Frank Miele appeared on War Room on August 19 to discuss his new column at Real Clear Politics looking at how the unvaccinated can fight back. No. 1 is the religious exemption. Check out Frank’s column:
Fighting Back Against the Vaccine Mandate
By Frank Miele
The unvaccinated are fast on their way to becoming America’s untouchables, the equivalent of people in India who are the bottom caste of society, deprived of their rights and segregated as unclean.
Of course, that doesn’t apply to all vaccines, just to the COVID-19 vaccines being urged on Americans with minimal testing, maximum confusion, and no guarantee that the cure won’t be worse than the disease. In many states, including Michigan, universities and employers have begun to insist that their students or employees submit to one of the three available vaccines or be denied access to participation, enrollment or employment.
These so-called vaccine mandates have pitted big government against everyday Americans under threat of losing their livelihoods if they don’t comply. … The argument used by the government and others who favor a vaccine mandate is that it will protect the public health and welfare. This argument falls short, however, because if the vaccine is truly effective, then the public’s health is already being protected for those who want to be vaccinated. Remember, the vaccine is widely available and free in the United States, so those who choose not to be vaccinated are only putting themselves and those like them at risk, not the general public.
“What about the children who can’t be vaccinated?” ask vaccine supporters. “Aren’t you also putting them at risk?” Well, yes, but no more than they are at risk from normal influenza strains, and no one has suggested making flu vaccines mandatory. A recent study even suggested that COVID-19 in children is milder than the flu.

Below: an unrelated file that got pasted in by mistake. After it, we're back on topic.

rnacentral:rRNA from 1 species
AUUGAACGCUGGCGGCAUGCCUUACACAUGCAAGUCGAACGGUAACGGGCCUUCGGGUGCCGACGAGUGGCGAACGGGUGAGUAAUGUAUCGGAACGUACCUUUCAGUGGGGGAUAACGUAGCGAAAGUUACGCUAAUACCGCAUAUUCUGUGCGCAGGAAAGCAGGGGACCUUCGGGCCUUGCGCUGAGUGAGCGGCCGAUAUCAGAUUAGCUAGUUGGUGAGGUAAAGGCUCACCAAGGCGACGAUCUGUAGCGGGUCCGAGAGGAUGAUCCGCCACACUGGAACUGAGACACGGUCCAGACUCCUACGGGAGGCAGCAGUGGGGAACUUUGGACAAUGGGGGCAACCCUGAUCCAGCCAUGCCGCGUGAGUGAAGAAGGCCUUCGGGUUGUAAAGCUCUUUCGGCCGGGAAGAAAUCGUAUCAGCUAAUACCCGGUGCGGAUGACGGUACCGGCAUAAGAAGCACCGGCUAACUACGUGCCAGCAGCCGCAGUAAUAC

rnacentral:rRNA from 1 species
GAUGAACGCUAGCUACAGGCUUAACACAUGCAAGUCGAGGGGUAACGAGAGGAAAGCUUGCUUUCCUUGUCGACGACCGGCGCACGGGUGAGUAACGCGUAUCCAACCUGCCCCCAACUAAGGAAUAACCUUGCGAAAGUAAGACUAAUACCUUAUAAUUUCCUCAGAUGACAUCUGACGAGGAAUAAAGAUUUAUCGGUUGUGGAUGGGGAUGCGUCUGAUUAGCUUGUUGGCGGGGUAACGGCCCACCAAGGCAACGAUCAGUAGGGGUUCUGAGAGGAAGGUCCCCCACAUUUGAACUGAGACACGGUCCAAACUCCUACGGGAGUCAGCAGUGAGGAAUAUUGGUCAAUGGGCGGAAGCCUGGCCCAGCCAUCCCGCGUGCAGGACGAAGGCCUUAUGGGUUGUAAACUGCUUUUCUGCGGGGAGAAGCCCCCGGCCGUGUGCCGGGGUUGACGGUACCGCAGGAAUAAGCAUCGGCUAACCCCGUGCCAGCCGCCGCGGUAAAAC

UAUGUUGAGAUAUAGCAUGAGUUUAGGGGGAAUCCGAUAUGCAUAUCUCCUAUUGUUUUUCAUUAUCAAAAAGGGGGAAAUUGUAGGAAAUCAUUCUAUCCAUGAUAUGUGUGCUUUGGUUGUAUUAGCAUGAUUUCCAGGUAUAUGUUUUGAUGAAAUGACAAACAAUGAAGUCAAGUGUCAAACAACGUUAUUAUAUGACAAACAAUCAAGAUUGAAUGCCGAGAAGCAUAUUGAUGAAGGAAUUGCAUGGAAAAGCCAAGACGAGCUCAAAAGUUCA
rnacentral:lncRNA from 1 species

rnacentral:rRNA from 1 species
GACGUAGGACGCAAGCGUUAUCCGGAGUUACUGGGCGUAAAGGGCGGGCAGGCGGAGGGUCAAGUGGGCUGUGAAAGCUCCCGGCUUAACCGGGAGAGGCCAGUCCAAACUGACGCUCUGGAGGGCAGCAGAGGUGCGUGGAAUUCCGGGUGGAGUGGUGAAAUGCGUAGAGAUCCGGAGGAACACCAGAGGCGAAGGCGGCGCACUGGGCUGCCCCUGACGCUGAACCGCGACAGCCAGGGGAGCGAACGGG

The Centers for Disease Control calls the current situation a “pandemic of the unvaccinated,” but what they fail to acknowledge is that free and fully informed citizens should have the right to put themselves at risk if they choose to do so. And by extension, they should also be able to avoid risk if they believe it is inherent in an experimental vaccine.
The fact that taking a vaccine is a medical decision should trigger numerous civil rights that we have previously taken for granted, but for now the federal government is insisting on treating vaccination status as having no protections. The experts say, for instance, that the Americans With Disabilities Act does not apply to the unvaccinated. I have made the case elsewhere that the definition of disability in the ADA does include individuals who have not gotten the COVID-19 vaccination, but I of course am not an attorney….
The medical exemption applies in a few specific cases where a diagnosis suggests that, due to a preexisting medical condition, real or potential harm may fall upon patients who receive the vaccination. That has limited applicability, but the religious exemption on the other hand can apply to almost anyone who has a deeply held religious belief.
The Equal Employment Opportunity Commission, for instance, has recognized that Title VII of the Civil Rights Act protects workers from being discriminated against on the basis of religion, and that the exemption may be applied broadly, not just to those who are regular attendees of church or who subscribe to a prevalent belief system. …
READ THE FULL COLUMN at Miele’s Heartland Diary USA website.